Nick on Wed, 20 Jul 2011 16:15:18 +0200 (CEST)

[Date Prev] [Date Next] [Thread Prev] [Thread Next] [Date Index] [Thread Index]

Re: <nettime> Aaron Swartz charged for downloading too many Journal articles from the Library: Please sign suport petition.

On Wed, Jul 20, 2011 at 07:55:19AM -0500, Jon Lebkowsky wrote:
> JSTOR isn't free: A news article says
> "Of the 4.8 million documents downloaded, 1.7 million should only have been
> available for purchase through a sales service."  However Aaron already had
> free access to the database. He's being charged with circumventing security
> or "breaking into" the system to get millions of articles quickly.

Well, the MIT connection he was using already had full access, though
according to the indictment he "[broke] into a restricted computer
wiring closet at MIT" get access.

As far as I can see the only offense against JSTOR was actually
writing a script to bypass its cumbersome web interface, so as to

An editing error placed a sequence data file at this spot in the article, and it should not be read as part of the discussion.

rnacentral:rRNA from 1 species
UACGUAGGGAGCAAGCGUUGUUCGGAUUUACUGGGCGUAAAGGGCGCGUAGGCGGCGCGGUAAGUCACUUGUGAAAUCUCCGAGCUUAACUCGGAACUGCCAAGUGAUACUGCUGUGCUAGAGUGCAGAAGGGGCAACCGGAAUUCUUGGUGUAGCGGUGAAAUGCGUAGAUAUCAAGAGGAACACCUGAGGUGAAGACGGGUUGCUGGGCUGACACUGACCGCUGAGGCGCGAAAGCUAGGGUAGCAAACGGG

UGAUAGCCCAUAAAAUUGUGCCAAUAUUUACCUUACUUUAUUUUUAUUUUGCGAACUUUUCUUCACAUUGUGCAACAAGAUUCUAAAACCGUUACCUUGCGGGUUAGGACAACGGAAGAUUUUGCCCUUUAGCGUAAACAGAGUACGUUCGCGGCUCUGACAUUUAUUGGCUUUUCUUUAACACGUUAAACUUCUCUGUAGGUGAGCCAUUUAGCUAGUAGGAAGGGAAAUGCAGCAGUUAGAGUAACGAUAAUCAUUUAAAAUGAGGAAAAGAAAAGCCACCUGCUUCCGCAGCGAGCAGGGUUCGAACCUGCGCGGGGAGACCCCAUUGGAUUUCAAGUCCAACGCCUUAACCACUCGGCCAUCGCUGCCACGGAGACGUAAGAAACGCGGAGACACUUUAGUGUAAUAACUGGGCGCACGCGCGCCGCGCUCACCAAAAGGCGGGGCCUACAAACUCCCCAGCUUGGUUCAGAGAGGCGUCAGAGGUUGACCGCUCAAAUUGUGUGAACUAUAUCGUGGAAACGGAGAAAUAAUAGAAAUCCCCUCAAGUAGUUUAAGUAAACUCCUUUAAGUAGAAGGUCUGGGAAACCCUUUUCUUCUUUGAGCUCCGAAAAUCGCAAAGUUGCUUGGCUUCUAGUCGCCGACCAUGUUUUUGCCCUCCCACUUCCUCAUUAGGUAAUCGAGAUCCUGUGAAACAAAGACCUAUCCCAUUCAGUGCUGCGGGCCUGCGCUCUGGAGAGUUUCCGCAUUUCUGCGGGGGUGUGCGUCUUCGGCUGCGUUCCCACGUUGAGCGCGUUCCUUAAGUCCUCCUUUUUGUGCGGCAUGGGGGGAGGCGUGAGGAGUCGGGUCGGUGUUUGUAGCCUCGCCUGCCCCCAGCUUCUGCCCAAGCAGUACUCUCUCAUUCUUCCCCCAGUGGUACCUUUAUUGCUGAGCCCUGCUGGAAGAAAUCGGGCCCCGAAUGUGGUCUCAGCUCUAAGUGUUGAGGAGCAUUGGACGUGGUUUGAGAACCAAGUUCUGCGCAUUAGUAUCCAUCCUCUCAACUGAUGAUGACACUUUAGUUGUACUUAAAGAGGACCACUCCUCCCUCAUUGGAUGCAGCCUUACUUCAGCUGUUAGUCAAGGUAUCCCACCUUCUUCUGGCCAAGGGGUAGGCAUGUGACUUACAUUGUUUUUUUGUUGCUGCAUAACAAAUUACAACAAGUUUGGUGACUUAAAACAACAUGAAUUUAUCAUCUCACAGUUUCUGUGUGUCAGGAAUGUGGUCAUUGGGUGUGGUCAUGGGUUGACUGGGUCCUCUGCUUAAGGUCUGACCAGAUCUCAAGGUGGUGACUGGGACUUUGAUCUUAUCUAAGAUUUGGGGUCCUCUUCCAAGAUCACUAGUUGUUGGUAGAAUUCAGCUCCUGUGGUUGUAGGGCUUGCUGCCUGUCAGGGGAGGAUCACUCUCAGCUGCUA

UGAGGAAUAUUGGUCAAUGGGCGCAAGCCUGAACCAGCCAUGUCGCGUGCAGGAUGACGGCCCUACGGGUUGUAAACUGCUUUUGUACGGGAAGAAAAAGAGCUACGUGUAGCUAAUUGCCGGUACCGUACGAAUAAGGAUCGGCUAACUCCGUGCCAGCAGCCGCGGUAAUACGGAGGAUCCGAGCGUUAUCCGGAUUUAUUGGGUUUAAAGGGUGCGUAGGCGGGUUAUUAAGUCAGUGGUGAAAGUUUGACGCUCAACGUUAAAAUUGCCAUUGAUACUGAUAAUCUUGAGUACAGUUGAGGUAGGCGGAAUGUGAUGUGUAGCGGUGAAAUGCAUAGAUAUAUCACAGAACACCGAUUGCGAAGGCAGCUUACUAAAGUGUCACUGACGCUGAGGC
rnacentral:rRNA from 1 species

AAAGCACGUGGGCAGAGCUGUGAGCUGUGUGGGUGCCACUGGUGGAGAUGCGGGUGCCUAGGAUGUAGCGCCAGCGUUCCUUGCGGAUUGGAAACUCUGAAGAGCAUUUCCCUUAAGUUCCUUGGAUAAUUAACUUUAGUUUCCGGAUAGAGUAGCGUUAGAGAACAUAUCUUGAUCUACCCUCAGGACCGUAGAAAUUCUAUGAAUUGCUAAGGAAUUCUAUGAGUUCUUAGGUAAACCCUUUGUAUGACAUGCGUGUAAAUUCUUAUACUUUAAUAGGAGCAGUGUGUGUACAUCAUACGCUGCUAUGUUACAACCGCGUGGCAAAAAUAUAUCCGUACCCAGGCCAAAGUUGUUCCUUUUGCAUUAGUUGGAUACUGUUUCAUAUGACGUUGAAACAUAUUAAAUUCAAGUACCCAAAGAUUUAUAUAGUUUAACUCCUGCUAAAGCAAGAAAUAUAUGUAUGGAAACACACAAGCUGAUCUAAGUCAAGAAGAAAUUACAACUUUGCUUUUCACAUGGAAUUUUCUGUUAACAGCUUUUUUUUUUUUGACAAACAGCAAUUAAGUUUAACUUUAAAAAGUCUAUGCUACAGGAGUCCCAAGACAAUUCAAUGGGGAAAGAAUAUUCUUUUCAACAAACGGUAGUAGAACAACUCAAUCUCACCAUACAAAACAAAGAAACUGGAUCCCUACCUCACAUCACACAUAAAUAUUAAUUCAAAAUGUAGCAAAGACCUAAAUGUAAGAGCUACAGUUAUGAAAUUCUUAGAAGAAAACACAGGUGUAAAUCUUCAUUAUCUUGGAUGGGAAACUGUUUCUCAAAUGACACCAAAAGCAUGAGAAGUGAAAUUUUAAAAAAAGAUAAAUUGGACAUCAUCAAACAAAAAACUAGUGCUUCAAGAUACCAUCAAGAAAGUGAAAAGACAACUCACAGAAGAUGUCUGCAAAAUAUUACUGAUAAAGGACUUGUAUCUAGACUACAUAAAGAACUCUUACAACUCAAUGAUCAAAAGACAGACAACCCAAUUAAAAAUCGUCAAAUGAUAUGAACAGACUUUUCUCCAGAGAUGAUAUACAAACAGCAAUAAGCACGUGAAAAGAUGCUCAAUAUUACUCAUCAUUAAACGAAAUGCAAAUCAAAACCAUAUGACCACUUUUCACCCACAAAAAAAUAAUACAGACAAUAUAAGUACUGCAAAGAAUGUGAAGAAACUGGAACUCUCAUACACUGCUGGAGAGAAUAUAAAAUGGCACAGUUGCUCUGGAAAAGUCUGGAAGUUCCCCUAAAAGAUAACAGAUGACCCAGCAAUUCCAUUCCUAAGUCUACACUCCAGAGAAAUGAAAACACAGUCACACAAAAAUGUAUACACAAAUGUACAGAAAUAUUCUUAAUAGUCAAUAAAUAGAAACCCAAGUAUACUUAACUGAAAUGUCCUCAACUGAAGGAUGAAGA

download articles more conveniently. And using it to download lots of

This results in counts of "recklessly caus[ing] damage to MIT and
JSTOR" (for using their services heavily) [count 4], "wire fraud" (for
"obtaining property") [count 1], and "computer fraud" (for "using
JSTOR in excess of authorised access") [counts 2 & 3].

I am one of those people who enjoys writing bots to do things which
would take me ages on web sites. I do not relish a world in which
such actions are prosecuted as criminal by parties not related to the
websites in question.

Perhaps a better course of action for Aaron to have taken, with the
benefit of hindsight, would have been to anonymously release his
"" script and implore people from all over to help
download articles.

I see that JSTOR is an independent non-profit, it would be interesting
to see how their non-profit application worded "we intend to help the
public good by restricting access to these works by the public."

#  distributed via <nettime>: no commercial use without permission
#  <nettime>  is a moderated mailing list for net criticism,
#  collaborative text filtering and cultural politics of the nets
#  more info:
#  archive: contact: